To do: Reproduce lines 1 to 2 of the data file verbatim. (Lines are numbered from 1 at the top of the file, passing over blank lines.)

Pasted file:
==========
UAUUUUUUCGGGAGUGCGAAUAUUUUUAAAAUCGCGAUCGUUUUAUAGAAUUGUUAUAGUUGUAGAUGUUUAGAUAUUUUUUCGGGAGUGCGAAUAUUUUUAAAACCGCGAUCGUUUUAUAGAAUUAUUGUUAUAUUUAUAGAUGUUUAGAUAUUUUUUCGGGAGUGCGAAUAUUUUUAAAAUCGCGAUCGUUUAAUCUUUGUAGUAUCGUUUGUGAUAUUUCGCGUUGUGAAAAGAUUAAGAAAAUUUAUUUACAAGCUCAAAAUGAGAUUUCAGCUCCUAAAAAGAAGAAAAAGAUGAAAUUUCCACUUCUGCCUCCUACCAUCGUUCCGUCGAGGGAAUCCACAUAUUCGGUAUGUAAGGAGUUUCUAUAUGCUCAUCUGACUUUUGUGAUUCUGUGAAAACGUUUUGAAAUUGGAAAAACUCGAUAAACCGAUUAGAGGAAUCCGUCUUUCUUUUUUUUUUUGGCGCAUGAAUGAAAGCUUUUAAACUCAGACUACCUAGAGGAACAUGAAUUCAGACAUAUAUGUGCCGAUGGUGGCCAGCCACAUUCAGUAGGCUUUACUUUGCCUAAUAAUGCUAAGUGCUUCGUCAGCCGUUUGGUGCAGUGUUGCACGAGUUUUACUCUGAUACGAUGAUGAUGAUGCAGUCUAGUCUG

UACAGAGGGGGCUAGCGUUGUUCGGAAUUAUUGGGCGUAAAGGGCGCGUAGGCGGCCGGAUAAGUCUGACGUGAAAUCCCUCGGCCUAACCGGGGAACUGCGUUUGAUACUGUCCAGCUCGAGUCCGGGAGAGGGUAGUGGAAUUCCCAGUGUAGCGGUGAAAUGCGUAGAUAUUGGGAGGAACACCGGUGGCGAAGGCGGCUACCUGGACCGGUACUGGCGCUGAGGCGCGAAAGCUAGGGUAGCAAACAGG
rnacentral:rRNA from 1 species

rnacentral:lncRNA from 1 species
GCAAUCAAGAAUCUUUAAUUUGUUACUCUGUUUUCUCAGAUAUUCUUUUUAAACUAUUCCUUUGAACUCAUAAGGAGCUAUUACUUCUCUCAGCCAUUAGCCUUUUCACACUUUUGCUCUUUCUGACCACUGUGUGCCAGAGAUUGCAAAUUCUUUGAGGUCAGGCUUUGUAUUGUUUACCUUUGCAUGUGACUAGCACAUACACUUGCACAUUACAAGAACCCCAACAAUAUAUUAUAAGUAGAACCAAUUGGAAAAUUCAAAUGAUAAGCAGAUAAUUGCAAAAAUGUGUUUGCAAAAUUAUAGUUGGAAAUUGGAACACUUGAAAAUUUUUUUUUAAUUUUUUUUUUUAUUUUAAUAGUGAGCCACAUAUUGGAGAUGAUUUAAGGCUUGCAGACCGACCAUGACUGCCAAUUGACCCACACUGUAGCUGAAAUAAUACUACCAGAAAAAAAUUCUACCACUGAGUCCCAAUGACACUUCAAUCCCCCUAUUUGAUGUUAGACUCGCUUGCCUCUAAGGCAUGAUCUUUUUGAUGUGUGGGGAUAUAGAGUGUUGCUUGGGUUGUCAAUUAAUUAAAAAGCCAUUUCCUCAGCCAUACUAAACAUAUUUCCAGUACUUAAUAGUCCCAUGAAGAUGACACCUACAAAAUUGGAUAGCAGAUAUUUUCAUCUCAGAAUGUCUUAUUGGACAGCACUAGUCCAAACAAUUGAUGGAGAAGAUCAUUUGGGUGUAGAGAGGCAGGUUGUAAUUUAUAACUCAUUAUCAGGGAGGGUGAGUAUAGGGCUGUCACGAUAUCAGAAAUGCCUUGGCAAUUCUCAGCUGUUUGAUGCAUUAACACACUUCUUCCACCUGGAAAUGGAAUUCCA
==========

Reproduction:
UAUUUUUUCGGGAGUGCGAAUAUUUUUAAAAUCGCGAUCGUUUUAUAGAAUUGUUAUAGUUGUAGAUGUUUAGAUAUUUUUUCGGGAGUGCGAAUAUUUUUAAAACCGCGAUCGUUUUAUAGAAUUAUUGUUAUAUUUAUAGAUGUUUAGAUAUUUUUUCGGGAGUGCGAAUAUUUUUAAAAUCGCGAUCGUUUAAUCUUUGUAGUAUCGUUUGUGAUAUUUCGCGUUGUGAAAAGAUUAAGAAAAUUUAUUUACAAGCUCAAAAUGAGAUUUCAGCUCCUAAAAAGAAGAAAAAGAUGAAAUUUCCACUUCUGCCUCCUACCAUCGUUCCGUCGAGGGAAUCCACAUAUUCGGUAUGUAAGGAGUUUCUAUAUGCUCAUCUGACUUUUGUGAUUCUGUGAAAACGUUUUGAAAUUGGAAAAACUCGAUAAACCGAUUAGAGGAAUCCGUCUUUCUUUUUUUUUUUGGCGCAUGAAUGAAAGCUUUUAAACUCAGACUACCUAGAGGAACAUGAAUUCAGACAUAUAUGUGCCGAUGGUGGCCAGCCACAUUCAGUAGGCUUUACUUUGCCUAAUAAUGCUAAGUGCUUCGUCAGCCGUUUGGUGCAGUGUUGCACGAGUUUUACUCUGAUACGAUGAUGAUGAUGCAGUCUAGUCUG

UACAGAGGGGGCUAGCGUUGUUCGGAAUUAUUGGGCGUAAAGGGCGCGUAGGCGGCCGGAUAAGUCUGACGUGAAAUCCCUCGGCCUAACCGGGGAACUGCGUUUGAUACUGUCCAGCUCGAGUCCGGGAGAGGGUAGUGGAAUUCCCAGUGUAGCGGUGAAAUGCGUAGAUAUUGGGAGGAACACCGGUGGCGAAGGCGGCUACCUGGACCGGUACUGGCGCUGAGGCGCGAAAGCUAGGGUAGCAAACAGG